“USAC is based right here in Indianapolis, right across the Indianapolis Motor Speedway. So going to the office all the time, I would just look at the speedway and be like, ‘oh wow that’s so cool.’ Like maybe I can do reporting there one time and be there." 

Now she is an in-house pit reporter and the pit reporter for IndyCar and she says, “It’s like a dream come true.”

Furthermore, she still says there’s more to add, calling it a progression, and doesn’t believe she is at her full potential. 

“I was like other people. I’m like, ‘wow, they’re so good at that.’ And that’s how I want to be one day, or, like get there one day. So there’s definitely still a lot of stuff that I want to do better.”

Keeping up with the Chaos

When asked if she had anyone she looked up to or if she had any inspiration for her career, the answer was yes. 

“I mean, basically anytime I’m at the track, still, there are so many people. I mean, just on the broadcast now for whether it be NASCAR, IndyCar, or even dirt racing and stuff, like even if I’m on the broadcast, like I’ll be working with people,” she said.  “It happens a lot when I do the IndyCar radio broadcast because something that I feel like I’m just not there yet is calling pit stops. 

“It’s fast, it’s hard, everything is happening and you’re calling it how you’re seeing it and everything like that.”

“And my coworkers, I’m always like, wow, after we all get together and be like, oh great job, great job. And afterward, I’m like wow I just aspire one day to just be able to do that. And so I think with repetition it’ll probably happen.”

However, she wouldn’t name one specific person that she uses as inspiration, calling every person she works with or doing an IndyCar broadcast an inspiration. 

“I bounce around to a lot of different types of motorsports. So, usually, pretty much every broadcast that I do.”

When asked how a typical race day goes she described it as “...super crazy in my position because I bounce around between doing the screen.” She explains that the warm-up session that happens before the race gives the chance to interview the drivers before the session, which creates energy for fans. 

Everywhere at Once

Henneberry juggles many broadcasts, as she does the IndyNXT series for Peacock, the same day IndyCar has their races. Once she is done covering IndyNXT, she comes back with a different shirt to cover the radio broadcast for IndyCar. 

“So usually Sundays are the busiest days, obviously with it being race day, but it makes the day go by a lot faster too because there is so much going on. I feel like from the time you get to the track in the morning to the time you leave, you like, haven’t sat down. So it’s great.”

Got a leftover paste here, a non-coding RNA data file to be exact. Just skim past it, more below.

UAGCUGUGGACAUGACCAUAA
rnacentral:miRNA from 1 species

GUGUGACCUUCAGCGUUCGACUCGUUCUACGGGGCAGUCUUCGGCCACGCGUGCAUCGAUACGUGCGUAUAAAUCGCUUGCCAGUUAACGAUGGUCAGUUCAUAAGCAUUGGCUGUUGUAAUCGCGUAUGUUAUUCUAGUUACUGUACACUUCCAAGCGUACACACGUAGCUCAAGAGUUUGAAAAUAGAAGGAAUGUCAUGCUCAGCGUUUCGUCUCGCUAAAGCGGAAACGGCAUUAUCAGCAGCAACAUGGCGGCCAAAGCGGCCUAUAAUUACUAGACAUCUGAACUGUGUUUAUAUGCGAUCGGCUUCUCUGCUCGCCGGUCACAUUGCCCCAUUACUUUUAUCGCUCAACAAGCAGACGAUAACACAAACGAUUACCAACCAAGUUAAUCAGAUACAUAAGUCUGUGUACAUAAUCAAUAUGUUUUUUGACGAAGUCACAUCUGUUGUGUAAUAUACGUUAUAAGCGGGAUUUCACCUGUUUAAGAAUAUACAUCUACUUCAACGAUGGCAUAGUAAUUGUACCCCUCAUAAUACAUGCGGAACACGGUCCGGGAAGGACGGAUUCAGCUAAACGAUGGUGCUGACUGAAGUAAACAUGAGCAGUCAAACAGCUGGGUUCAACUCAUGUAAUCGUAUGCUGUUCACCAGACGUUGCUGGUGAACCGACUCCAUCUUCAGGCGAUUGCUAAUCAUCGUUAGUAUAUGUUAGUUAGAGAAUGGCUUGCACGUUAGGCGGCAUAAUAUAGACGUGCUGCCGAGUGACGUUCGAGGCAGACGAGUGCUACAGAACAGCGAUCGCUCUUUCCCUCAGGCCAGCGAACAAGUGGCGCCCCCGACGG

When Georgia was asked about her favorite thing to cover about motorsports she responded, “Oh that’s hard because I feel like everything has its own things, that I really enjoy, and maybe some things that I don’t so much like.”

Although she spends plenty of time covering motorsports at the highest levels, Henneberry still keeps up with her roots in dirt racing.

“I grew up with it and was involved with it for so many years and, you know, my boyfriend’s still racing dirt, so we’re very involved in the dirt scene and stuff like that.” 

However she says she has “fallen in love” with IndyCar. 

“Like just that type of racing the way, everything it’s all put together the weekend and a whole type thing too. So I don’t know if there’s one specific form that I like more than others, but I think everything really has things that I really love and things that maybe I don’t so much,” she said 

She explained the massive difference that comes with these events and covered them as she has experienced them both. 

“Like, with dirt racing, you show up to a racetrack and you do your full show in a span of four hours, whereas with IndyCar, you’ll get to a track on Thursday and you don’t leave until Sunday or Monday. So it’s just, you can do five dirt racing events in the span of time that you can do one IndyCar, one NASCAR event, and stuff. So dirt racing is super fast-paced and, it’s just different in its own way, but it’s great.”

Most Memorable Moment?

Georgia can be seen giving drivers interviews from many different series, and she considers some things when it comes to asking them questions. She also got the chance to interview Alex Palou after the Laguna Seca race, when he received the championship trophy. However, she describes this to be very “spur of the moment.” 

“I didn’t know that I was gonna get to do it and we were all there. There were three of us on pit lane and we were all running around trying to get second, third, fourth, fifth. One of us was trying to get Dixon, who had won the race and then we thought maybe by the time he was done with that, he could come over and get Palou.” 

She took her chances on this interview and shared, “But the celebration was already starting and it was like, ‘well, I’m here so I will try to get it’ and stuff… I wish that I had a little bit more time to prepare, but overall the situation itself is just so fun.”

Image Credit: Instagram - Georgia Henneberry

“It’s so exciting. He got crowned champion last weekend, but this weekend he’s standing next to the trophy-type thing. So, that’s the kind of angle that I went for.”

The Art Behind the Craft